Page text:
Hormaz spent most of his off hours not just thinking about what to wear, but looking at himself in the mirror, or asking his younger brother who happened to be a cinematographer to take pictures of him for publication. on Instagram stories and reels automatically linked to his Facebook feeds too.
Hormaz was also a writer. He had published four thin volumes of prose poems and short stories. He had just finished A fashion dictionary, a collection of prose poems and short stories parading like dictionary entries, a real juxtaposition of real clothing research. Besides getting dressed and undressed, Hormaz spent his spare time reading the history of the costumes.
He was particularly interested in the relationship between fashion and literature, so much so that under the dictionary entry Found Clothes he made a point of mentioning that Edgar Allen Poe was found dead in the street wearing the clothes. from someone else. Most of the dictionary entries referred to his literary tastes which spread across cultures. On the whole, he was not interested in Anglo-American literature, culture, and morals. He was much more intrigued by writers like Hermann Broch, Franz Kafka, Robert Walser, Amir Khusrau and Mir Taqi Mir. These names populated by colors A dictionary of fashionlike endless dresses and fabrics populate wardrobes.
Hormaz had just finished writing A dictionary of fashion, and felt so lucky that a renowned and fascinating anthropologist from Rome, M. Canevacci, wrote such a spirited preface for the book in Italian which was later translated into English by D. Khetarpal, writer, translator and beautiful soul. Now, A dictionary of fashion was complete, ready to be sent to a literary agent or publisher. Unlike his earlier publications, Hormaz wanted A dictionary of fashion would hit it big, for which he needed a publisher with strong marketing skills.
Hormaz never resumed writing, and although A dictionary of fashion is often quoted in design schools around the world, it never really made him any money.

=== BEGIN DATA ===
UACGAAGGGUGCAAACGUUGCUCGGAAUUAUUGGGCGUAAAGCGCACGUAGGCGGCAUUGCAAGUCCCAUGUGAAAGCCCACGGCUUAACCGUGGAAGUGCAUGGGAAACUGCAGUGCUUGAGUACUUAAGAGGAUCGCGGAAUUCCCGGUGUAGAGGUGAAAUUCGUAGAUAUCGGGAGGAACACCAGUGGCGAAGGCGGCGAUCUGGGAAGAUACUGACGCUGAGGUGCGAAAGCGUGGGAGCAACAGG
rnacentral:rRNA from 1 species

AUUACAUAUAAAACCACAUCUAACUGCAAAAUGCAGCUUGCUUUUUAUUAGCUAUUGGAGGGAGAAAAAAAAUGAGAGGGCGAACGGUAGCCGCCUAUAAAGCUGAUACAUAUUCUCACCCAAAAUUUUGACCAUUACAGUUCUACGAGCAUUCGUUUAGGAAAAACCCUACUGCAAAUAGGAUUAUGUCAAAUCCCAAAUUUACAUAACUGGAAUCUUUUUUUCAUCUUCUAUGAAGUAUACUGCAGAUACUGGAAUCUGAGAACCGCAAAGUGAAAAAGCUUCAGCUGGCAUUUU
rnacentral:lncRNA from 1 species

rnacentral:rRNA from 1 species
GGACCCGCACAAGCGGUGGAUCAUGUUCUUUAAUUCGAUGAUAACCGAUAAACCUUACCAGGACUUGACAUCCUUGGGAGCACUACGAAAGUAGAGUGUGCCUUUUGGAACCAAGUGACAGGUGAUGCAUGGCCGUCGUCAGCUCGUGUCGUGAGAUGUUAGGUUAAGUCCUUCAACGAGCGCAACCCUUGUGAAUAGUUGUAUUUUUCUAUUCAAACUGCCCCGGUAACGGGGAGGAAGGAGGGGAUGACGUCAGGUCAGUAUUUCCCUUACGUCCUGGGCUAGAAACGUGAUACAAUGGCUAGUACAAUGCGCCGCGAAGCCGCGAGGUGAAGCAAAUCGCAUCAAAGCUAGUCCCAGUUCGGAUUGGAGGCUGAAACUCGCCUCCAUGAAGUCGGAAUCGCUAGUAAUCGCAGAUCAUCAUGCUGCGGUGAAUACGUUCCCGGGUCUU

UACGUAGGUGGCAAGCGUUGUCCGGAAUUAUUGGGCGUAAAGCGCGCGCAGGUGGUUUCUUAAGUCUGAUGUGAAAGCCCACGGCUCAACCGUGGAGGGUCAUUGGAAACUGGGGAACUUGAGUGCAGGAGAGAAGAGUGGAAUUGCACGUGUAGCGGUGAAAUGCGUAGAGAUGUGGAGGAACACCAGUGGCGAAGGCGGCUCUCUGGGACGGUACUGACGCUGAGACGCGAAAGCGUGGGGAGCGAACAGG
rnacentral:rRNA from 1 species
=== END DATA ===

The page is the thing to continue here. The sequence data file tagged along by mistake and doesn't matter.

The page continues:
Hormaz, however, hadn’t written anything significant in the past six months, apart from a few letters, long text messages and emails to promote A dictionary of fashion. Maybe as a writer he had hit a dry spell, not writer’s block, maybe a change of direction, a new calling in his life. He was never one to force his writing unnecessarily; writing his last two books, Costumes of the living and A dictionary of fashion, he had spent a lot of time thinking and writing about clothes and often, sitting in his office, he wasn’t sure whether he was writing or sewing clothes in a tailor’s shop. Hormaz felt that he had written enough, and that the act of writing itself was quite painful, no matter how comical his work was. He figured it would make more sense to become a tailor or fashion designer instead.
As a result, he spent the next few years learning to sew clothes under the mentorship of a gentleman’s tailor, I. Memon, in a one-horse town covered in textiles – remnants of a once-thriving mill history – in developing a fashion brand called Adina. and Hormaz. adinaa Hebrew word, means sweetness, kindness, gentleness and warmth, exactly the kind of things that Hormaz lacked in his life.
Hormaz never returned to the boring and torturous task of writing, and although A dictionary of fashion is often quoted in fashion and design schools around the world and has been published by Bloomsbury, it never really made him any money or provided him with a livelihood. Rather, it was the gentle kindness of Adina, a soft muslin spirit of this one-horse mill town ridden with cloth and tailors like I. Memon who enveloped Hormaz in layers of comfort, protection, strength, of good health and abundance.
(This appeared in the print edition as “Adina and Hormaz”)
(The opinions expressed are personal)
Gaurav Monga is a writer and teacher